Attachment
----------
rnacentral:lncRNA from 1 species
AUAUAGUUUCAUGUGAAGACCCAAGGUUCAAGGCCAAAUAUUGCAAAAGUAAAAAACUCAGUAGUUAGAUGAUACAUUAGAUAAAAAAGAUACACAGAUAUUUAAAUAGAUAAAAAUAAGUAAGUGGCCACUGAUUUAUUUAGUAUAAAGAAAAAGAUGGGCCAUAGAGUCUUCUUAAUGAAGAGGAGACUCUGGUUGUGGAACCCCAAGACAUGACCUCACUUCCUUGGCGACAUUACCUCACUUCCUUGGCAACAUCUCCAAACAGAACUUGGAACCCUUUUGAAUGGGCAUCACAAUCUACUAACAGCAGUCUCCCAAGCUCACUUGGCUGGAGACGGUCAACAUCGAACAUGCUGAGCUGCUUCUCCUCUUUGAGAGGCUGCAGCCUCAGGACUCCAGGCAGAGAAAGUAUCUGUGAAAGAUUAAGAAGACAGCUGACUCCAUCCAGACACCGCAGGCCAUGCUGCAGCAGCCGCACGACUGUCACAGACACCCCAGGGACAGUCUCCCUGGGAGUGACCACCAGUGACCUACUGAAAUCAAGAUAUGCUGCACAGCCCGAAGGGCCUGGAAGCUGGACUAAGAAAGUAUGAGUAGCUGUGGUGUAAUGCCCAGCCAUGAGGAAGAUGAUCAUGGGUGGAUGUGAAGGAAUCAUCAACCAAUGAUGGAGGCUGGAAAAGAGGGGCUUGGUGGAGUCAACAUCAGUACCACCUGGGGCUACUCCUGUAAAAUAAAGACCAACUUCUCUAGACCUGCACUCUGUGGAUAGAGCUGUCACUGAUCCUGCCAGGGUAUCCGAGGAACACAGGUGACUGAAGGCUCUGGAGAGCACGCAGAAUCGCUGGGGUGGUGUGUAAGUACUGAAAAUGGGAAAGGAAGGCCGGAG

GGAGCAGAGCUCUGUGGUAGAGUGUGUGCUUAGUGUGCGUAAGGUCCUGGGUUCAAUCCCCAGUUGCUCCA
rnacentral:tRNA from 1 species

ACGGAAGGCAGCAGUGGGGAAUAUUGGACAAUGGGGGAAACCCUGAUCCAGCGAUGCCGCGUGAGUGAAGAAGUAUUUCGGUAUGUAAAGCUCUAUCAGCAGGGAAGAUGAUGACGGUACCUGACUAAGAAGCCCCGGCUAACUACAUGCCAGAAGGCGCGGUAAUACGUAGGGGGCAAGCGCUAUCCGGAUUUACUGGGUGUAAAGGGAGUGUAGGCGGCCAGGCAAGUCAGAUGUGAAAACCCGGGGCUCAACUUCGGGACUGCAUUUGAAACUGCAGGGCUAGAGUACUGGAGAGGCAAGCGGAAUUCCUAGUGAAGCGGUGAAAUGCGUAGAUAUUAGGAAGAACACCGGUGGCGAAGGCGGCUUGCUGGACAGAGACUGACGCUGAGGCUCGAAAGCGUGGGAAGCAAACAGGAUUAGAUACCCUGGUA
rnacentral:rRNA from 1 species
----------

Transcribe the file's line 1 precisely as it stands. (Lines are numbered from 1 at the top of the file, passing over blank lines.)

rnacentral:lncRNA from 1 species